Inform yourself regarding the clients that the companies have where you are applying and what their specific needs are so that you can streamline your application accordingly.
3. Obtain an MBA
A CPA is a well-respected qualification that can be useful for a consultant, especially if you’re aiming to work in financial management consulting at a Big 4 company or a large accounting firm such as Grant Thornton.
However, if you wish to work as a strategy, operations, or management consultant, for instance, the best way to gain entry into your new career is to obtain an MBA from a top business school.
Top consulting firms actively recruit from top business schools. Obtaining an MBA from a top business school, paired with your auditing work experience, will put you in a good position when you’re applying for a consulting position.
Tips To Remember
If you’re hoping to make the shift from auditor to consultant, here are a few tips to consider:
Network, Network, Network
Networking is one of the most effective ways in which you can facilitate the move from auditing to consulting.
Even if you’re CV doesn’t really stand out from the rest, you can convince leaders and decision-makers of your authenticity and suitability for a consulting position by connecting with them through your network.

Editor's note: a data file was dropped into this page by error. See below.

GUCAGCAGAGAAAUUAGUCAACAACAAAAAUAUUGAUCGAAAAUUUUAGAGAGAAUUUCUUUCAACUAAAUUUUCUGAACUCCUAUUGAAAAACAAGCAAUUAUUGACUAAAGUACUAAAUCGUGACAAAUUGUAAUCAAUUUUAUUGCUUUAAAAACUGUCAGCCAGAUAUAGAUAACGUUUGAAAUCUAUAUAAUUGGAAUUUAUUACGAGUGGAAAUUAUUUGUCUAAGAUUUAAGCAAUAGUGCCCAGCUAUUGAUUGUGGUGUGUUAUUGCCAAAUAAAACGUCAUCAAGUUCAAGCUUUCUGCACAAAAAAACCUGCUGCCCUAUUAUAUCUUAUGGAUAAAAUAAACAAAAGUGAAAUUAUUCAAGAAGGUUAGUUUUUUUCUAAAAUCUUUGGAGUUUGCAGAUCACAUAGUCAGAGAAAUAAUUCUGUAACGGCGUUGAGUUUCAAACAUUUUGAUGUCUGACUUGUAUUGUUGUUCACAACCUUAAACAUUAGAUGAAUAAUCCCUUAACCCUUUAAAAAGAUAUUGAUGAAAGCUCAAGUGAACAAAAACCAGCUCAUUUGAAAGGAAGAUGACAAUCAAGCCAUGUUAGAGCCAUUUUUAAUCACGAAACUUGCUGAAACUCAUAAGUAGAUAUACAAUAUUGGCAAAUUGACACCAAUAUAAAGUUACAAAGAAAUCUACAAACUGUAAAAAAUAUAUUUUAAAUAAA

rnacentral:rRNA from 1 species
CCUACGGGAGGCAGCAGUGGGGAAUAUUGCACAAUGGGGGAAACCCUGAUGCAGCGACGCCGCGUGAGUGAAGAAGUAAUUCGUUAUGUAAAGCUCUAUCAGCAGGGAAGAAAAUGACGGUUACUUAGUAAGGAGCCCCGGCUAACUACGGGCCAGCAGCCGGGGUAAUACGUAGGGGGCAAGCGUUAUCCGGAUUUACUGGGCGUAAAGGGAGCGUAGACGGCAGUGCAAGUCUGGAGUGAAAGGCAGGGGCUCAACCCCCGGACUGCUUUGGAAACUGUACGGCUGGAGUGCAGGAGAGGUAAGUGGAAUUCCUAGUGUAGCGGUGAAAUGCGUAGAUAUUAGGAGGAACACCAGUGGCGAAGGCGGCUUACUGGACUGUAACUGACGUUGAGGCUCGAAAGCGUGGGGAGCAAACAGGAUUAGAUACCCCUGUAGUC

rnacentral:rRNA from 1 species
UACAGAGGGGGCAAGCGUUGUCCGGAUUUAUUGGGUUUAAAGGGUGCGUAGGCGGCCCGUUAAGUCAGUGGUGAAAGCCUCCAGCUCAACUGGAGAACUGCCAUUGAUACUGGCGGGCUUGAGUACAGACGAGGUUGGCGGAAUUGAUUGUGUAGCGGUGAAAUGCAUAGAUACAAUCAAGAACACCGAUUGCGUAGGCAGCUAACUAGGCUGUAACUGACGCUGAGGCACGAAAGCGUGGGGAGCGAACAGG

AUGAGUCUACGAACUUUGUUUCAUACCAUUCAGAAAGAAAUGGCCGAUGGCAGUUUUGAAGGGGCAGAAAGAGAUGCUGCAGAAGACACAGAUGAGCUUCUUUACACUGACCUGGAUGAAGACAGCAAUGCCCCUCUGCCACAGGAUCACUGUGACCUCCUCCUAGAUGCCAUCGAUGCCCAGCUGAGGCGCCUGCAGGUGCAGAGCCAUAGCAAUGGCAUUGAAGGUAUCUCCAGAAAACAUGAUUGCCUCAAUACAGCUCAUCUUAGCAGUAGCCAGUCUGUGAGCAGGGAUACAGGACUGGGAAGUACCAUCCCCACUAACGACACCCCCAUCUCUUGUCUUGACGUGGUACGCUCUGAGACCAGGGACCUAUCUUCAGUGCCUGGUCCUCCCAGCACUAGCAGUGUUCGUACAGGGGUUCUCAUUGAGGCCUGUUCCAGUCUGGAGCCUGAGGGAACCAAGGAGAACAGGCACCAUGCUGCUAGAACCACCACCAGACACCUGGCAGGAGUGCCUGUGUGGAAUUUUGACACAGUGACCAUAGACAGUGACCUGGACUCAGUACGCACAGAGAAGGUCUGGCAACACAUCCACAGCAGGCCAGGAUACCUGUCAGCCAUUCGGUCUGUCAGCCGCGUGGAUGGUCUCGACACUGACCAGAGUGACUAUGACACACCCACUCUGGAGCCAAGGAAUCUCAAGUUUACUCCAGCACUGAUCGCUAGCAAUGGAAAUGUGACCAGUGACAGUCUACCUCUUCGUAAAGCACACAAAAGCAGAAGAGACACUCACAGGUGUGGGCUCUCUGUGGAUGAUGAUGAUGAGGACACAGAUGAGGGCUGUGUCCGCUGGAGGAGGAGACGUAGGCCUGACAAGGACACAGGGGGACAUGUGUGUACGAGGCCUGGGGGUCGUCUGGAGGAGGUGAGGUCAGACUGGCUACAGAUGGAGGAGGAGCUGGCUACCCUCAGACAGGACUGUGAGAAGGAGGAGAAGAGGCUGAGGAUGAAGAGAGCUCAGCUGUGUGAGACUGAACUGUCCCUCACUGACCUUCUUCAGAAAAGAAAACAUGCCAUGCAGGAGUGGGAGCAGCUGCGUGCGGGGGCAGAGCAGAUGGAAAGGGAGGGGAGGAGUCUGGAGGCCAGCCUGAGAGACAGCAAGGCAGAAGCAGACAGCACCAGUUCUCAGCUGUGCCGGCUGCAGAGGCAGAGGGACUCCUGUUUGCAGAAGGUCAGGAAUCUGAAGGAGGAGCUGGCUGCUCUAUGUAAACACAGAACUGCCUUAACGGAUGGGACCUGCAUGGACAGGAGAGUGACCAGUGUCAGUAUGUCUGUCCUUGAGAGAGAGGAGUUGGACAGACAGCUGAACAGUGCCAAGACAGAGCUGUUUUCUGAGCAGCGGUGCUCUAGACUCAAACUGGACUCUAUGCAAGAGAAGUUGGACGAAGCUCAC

Be Transparent About Your Decision To Switch Careers
If you’re hoping to move to a consulting position within your current company, it’s advisable to be honest about this decision with your supervisor or manager.
They can open doors for you by putting you in touch with relevant partners in different departments.
Chatting with people from various departments within your company may just lead you to a suitable role that’s available in your firm.
Focus on Your Transferable Skills
It is important that you focus on the transferable skills that you have as an auditor. Auditors need certain core soft skills to be successful at their job.
For instance, auditors need to be good at client relationship building. As an auditor, you have to get a client to like you if you want them to cooperate during an audit.
Since auditors also typically work in big teams, they need good teamwork skills. Critical thinking is another key skill that’s transferable to the world of consultancy.
What Consultancy Position Should Auditors Go For?
Consultancy is an umbrella term that encompasses a wide array of services. As an auditor, you have a variety of skills that can be applied in various consulting roles.
Consultants advise clients on various aspects of business, including technology, marketing, operations, finance, and business development. You need to decide what type of consulting work you’d like to do and should then identify any gaps in your skills.
Which Big 4 Is Best for Consulting?
All four of the Big 4 companies offer consulting services to help companies improve their business strategies and operations, so you can apply at any of these firms for a consulting position.